When I was growing up at camp, Shabbat was a special time. We had a lot of free time to hang out with friends and simply enjoy the day. Towards the end of Shabbat, I would often be walking towards my cabin with friends when we would pass the lake and see the sun setting. It was truly an awesome moment. I would stand still, watching while I could only hear my breath and the natural sounds of the outdoors. Then, one of my friends, would always open his mouth to then say something like, “isn’t this such an amazing moment.” And we would all yell at him for ruining the moment by trying to describe what we were all already feeling.
In this week’s Parsha, Parshat Toldot, Isaac our Father, peace be upon him/יצחק אבינו עליו השלום, works the Land and becomes quite prosperous. “Isaac sowed seed in that land, and in the same year reaped a hundredfold (lit.-one hundred gates). The Lord blessed him, and the man became rich; he prospered more and more until he became very wealthy/ויזרע יצחק בארץ ההיא, וימצא בשנה ההיא מאה שערים. ויברכהו ה'. ויגדל האיש, וילך הלוך וגדל עד כי גדל מאד.” The Sfas Emes teaches that these one hundred gates/me’ah she’arim are opened everyday through the power of the one hundred blessings/brachot that we say. These blessings are explained in the verse, “O how abundant is your goodness that you have laid up for those who fear you/מָה רַב טוּבְךָ אֲשֶׁר-צָפַנְתָּ לִּירֵאֶיךָ.” And therefore, Isaac, the pillar of awe, has the one hundred gates revealed to him as the sages explained the verse “What/ma/מה does God demand of you, but to fear the Lord?” Don’t read it “What/ma/מה”, rather, read it “One hundred/me’ah/מאה.” Only through awe do we merit to receive the blessings that have been laid out for those that fear God.
The Sfas Emes is teaching us that a precondition to receiving the bountiful blessings that God has laid out for us is to have a sense of awe. What exactly is awe? How do we “have” it or “do” it? Heschel writes, “the meaning of awe is to realize that life takes place under wide horizons, horizons that range beyond the span of an individual life or even the life of a nation, a generation, or an era. Awe enables us to perceive in the world intimations of the divine, to sense in small things the beginning of infinite significance, to sense the ultimate in the common and the simple; to feel in the rush of the passing the stillness of the eternal.”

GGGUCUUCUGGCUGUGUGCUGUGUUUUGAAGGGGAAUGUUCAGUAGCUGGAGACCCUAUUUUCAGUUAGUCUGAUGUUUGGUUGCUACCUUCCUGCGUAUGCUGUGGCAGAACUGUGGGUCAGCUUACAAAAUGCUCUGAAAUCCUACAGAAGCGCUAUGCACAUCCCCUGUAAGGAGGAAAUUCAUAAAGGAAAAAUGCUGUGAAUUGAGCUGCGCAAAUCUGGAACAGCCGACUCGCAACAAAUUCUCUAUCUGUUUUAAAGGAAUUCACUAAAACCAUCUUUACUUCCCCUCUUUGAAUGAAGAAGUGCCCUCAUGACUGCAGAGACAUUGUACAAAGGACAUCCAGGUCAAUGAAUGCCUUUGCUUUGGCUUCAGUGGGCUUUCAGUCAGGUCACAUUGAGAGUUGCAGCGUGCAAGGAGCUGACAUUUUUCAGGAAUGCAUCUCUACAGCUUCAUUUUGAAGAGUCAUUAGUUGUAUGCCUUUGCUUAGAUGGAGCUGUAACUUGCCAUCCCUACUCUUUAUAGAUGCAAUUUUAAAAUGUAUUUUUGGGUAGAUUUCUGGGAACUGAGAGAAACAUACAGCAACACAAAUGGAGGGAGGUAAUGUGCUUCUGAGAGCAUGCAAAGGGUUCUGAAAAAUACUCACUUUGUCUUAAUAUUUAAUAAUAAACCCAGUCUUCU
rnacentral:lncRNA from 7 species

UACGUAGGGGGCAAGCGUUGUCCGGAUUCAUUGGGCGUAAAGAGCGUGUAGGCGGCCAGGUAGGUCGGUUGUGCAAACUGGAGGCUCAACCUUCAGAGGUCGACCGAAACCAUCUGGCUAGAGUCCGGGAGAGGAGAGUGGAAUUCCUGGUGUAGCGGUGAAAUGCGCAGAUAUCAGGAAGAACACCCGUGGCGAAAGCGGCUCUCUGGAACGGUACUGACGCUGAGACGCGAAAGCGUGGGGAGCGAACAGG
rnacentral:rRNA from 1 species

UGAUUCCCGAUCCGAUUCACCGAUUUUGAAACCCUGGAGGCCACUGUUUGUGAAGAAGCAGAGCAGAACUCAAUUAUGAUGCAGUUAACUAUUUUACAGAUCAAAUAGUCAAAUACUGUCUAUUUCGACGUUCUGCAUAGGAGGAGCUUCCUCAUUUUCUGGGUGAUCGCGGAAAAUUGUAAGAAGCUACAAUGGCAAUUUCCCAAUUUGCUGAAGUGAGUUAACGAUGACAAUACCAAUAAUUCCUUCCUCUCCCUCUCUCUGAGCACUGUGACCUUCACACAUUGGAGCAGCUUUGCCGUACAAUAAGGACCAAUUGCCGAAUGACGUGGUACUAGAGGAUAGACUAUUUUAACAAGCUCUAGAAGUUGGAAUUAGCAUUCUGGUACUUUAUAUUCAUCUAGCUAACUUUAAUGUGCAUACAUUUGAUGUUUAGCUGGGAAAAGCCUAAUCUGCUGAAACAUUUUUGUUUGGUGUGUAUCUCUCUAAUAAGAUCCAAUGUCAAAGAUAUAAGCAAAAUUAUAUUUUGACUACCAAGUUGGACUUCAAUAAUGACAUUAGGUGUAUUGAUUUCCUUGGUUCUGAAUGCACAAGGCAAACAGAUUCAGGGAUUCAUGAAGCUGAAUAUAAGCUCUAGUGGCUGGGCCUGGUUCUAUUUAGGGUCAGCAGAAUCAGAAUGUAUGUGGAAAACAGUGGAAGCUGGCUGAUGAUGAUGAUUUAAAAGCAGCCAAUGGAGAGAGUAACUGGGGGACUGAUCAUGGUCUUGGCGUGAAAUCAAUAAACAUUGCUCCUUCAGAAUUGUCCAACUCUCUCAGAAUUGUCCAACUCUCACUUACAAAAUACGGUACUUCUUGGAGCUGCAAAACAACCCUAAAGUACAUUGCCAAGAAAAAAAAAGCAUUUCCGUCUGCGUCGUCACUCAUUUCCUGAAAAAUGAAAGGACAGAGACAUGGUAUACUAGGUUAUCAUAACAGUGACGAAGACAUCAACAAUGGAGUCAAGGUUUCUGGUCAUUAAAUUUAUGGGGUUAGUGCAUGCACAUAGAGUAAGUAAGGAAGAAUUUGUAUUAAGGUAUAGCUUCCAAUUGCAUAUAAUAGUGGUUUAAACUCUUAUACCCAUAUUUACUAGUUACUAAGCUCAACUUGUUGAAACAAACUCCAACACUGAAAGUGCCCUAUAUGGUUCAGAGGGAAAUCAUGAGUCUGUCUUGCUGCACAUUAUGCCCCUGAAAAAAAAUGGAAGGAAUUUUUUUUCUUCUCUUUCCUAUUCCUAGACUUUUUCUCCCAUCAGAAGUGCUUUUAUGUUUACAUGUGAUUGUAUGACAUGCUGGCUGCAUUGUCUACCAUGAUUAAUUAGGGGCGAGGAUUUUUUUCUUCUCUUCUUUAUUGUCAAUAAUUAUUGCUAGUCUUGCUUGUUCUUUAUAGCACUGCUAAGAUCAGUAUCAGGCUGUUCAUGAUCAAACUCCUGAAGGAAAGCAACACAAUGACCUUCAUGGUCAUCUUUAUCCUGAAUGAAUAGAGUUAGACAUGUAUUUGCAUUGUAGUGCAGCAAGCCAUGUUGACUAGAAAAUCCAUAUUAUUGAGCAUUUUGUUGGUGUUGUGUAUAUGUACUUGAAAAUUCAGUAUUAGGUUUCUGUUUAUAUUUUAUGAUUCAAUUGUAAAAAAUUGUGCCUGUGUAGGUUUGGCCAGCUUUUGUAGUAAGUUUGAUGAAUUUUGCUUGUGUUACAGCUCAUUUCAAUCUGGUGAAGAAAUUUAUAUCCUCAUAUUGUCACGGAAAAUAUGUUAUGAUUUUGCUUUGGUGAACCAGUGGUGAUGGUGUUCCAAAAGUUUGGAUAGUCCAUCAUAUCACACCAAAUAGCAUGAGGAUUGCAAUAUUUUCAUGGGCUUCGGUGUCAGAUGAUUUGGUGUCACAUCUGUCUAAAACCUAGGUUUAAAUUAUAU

As the seasons change, and as many of us will be seeing lots of family and friends in the upcoming week for Thanksgiving, there will be plenty of opportunities to look at the world around you and feel a sense of awe and wonder. What should you do? Heschel teaches that awe is an “insight better conveyed in attitudes than in words. The more eager we are to express it, the less remains of it.” Don’t say anything. Look at what is around you. Wonder at the awesome. Smile and receive the blessings before you.
 Gen. 26:12-13
 Yehudah Aryeh Leib Alter (Hebrew יהודה אריה ליב אלתר, 15 April 1847 – 11 January 1905), also known by the title of his main work, the Sfas Emes (Yiddish) or Sefat Emet שפת אמת (Hebrew), was a Hasidic rabbi who succeeded his grandfather, Rabbi Yitzchak Meir Alter, as the Av beis din (head of the rabbinical court) and Rav of Góra Kalwaria, Poland (known in Yiddish as the town of Ger), and succeeded Rabbi Chanokh Heynekh HaKohen Levin of Aleksander as Rebbe of the Gerrer Hasidim
 There is a tradition that we should say 100 brachot each day that eventually gets codified into law (Tur O”H 46:3)
 Ps. 31:20
 Isaac represents the quality of awe and fear (Abraham represents love and kindness)
 BT Menachot 43b
 Sfas Emes 1:116
 Heschel, God in Search of Man, pg. 75
Yehuda Avner in his book, The Prime Ministers, recalls a conversation that happened on the eve of the 14th of May 1948:
“Hey, Mahler!” shouted Elisha cutting through the hullabaloo. “Our state—what’s its name?”
The violinist stared back blankly. “I don’t know. I didn’t think to ask.”
“You don’t know?”
Mahler shook his head.
“How about Yehuda?” suggested someone. “After all, King David’s kingdom was called Yehuda—Judea.”
“Zion,” cried another. “It’s an obvious choice.”
“Israel!” called a third. “What’s wrong with Israel?”
Let’s drink to that,” said Elisha with delight, breaking open the bottle of wine and filling a tin mug to the brim. “A l’chayim to our new State, whatever its name!”
“Wait!” shouted a Chasid whom everybody knew as Nussen der chazzan--a cantor by calling, and a most diligent volunteer digger from Meah Shearim, the ultra-Orthodox area of Jerusalem. “It’s Shabbos. Kiddush First.”
What we call ourselves, as individuals, as a community, as a people, has great significance. When I introduce myself, do I use my first name, my title, or a nickname? Usually, that depends on who I am introducing myself to, what I want our relationship to be and what I want to say about myself. This week, we read Parshat Hayyei Sarah. After Sarah’s death, Abraham sends his servant to find a wife for his son, Isaac. The servant prays for a good match to appear before him, and before he is even finished praying, Rebekah appears before him. Rebekah introduces herself as the daughter of Betu’el, the son of Milcah, wife of Nahor. Now, it makes sense to discuss Rebekah’s lineage, since it was Abraham’s express desire to have his son marry from within the tribe. Betu’el, Rebekah’s father, is the son of Nahor who is one of Abraham’s brothers. However, the naming of Milcah, Nahor’s wife, is unusual. Why add her name?